Bill Crow
Bill Crow still plays in bands in and around Greenwich
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Our special correspondent and turf investment adviser MERCURY MAN returns for a bank holiday chat with a Charlton-based singer-songwriter who explores his life in his music.

For those of us grappling with old age – trying to take our onesies off without an involuntary forward roll across the room – it’s wonderful when one of our representatives produces something of artistic quality to confirm that we ain’t going yet.

Bill Crow’s album Crowsongs Two – the perfect example – is streaming as we speak and couldn’t be recommended more highly (hear it here).

The lyric “old” crops up more than once but is looked at squarely and with wisdom and humour: “Sometimes, I want to shout out / I want to shout out / OK, I’ll go shopping instead.”

Bill Crow lives between Charlton and his idyll in Suffolk – Woodbridge, quoted by Wikipedia, no less, as “the best place to live in the east of England”. Hence the picture on the album cover and the last song, Woodbridge Haven (Bill: “A beautiful town by the river Deben, where we have a small house.”)

So, Crowsongs Two? “I’ve written a lot of songs over the years – over a hundred,” said Bill.

“I started sorting through them a few years ago and found myself dissatisfied with the old versions. So I decided to re-record them using current technology. Crowsongs One was the first selection. This is the second.

“I came from an extended working-class family who all got together on Saturday night and sang songs. Then my mum and dad bought me a second-hand trumpet when I was 15/16 and I joined a brass band.

“After a while I got a trumpet teacher. He was called John Dickinson and he changed my life. He encouraged me to go to London and get to music college, which I did. This led to a lot of playing, teaching and eventually composing.”

After music college Bill became a class music teacher, first in Isleworth, then at Raynes Park High, which he loved. “It was then that I started writing music for the pupils at school. I also kept playing in orchestras and bands,” he said.

“Later, I left teaching and sort of freelanced, got a studio together and managed to write some theatre music. Also worked with singers. Went back into education as an advisor on music tech. Then made the leap to university. Lectured at Middlesex Uni and Goldsmiths.”

Big influences? “Too many to mention. I have very broad tastes. First it was the Beatles, Motown, soul. Then jazz – Miles Davis. Later the singer-songwriters: Joni Mitchell, James Taylor, Paul Simon. Also a lot of classical: Mozart, Stravinsky, Ravel.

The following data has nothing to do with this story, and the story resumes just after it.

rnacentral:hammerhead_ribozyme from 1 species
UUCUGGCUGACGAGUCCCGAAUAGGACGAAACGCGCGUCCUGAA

“Music should move you: make you laugh, cry, dance. And it should have a message.”

I’ve heard Bill play beautiful piano and assumed it was his main instrument. Wrong. “Trumpet and Flugelhorn are my main instruments. I also play a thing called an EWI, which is a wind instrument linked to a synthesiser. Been known to play accordion.”

Did he play in bands? “Yes. And I still do. Brass bands and orchestras to begin with. National Youth Jazz Orchestra. Lots of rock/pop bands. Quite a bit of jazz in and around the Greenwich area. Currently I play in a brass quintet and a jazz octet.”

(I played the triangle in an octet once, but the other seven were useless. I kept that to myself and asked Bill about the songs on Crowsongs Two.)

“I like songs that deal with the stuff we experience in real life. But I also want the music to draw people in and sound good: melodically, rhythmically, instrumentally.”
One of them is a tribute to the anti-war revolutionary Rosa Luxemburg (“Those who do not move, do not notice their chains.”)

Bill said: “Rosa Luxemburg was an amazing woman who fought for equality and justice. She was murdered for her views. I wanted to write a song about her but didn’t want it to be preachy. Then I realised that her name was so unusual and very beautiful. I ended up just repeating it, like an anthem.”

Let Bill take you through the 12 songs:

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Please Let My Heart: “About hoping that we keep caring and loving as we grow older.”
Rosa Luxemburg: “An anthem to Rosa to sing in the streets.”
Shopping Instead: “About the lure of shopping. We all do it: hoping that the next new thing will unload happiness into our lives.”
Out There Somewhere: “Searching for love and care in the world.”
You Say: “About commitment and forgetting the past.”
The Missing (for Mum): “About my mother getting dementia.”
Everything To Me: “About being besotted.”
The Precious Days: “About saying goodbye.”
New Songs, Old Hearts: “About how older people still feel love and hope.”
My Time: “Basically about inequality. Contrasts the losses in my life with people who have nothing, and nothing to lose.”
Let Me Say: “About the confusions surrounding leaving.”
Woodbridge Haven: Hymn to Woodbridge, the beautiful town by the river Deben, where we have a small house.”

Crowsongs Two is available on Spotify, Apple Music and all other streaming platforms.

Mercury Man talks to SE Londoners with interesting tales to tell. Read his past stories.

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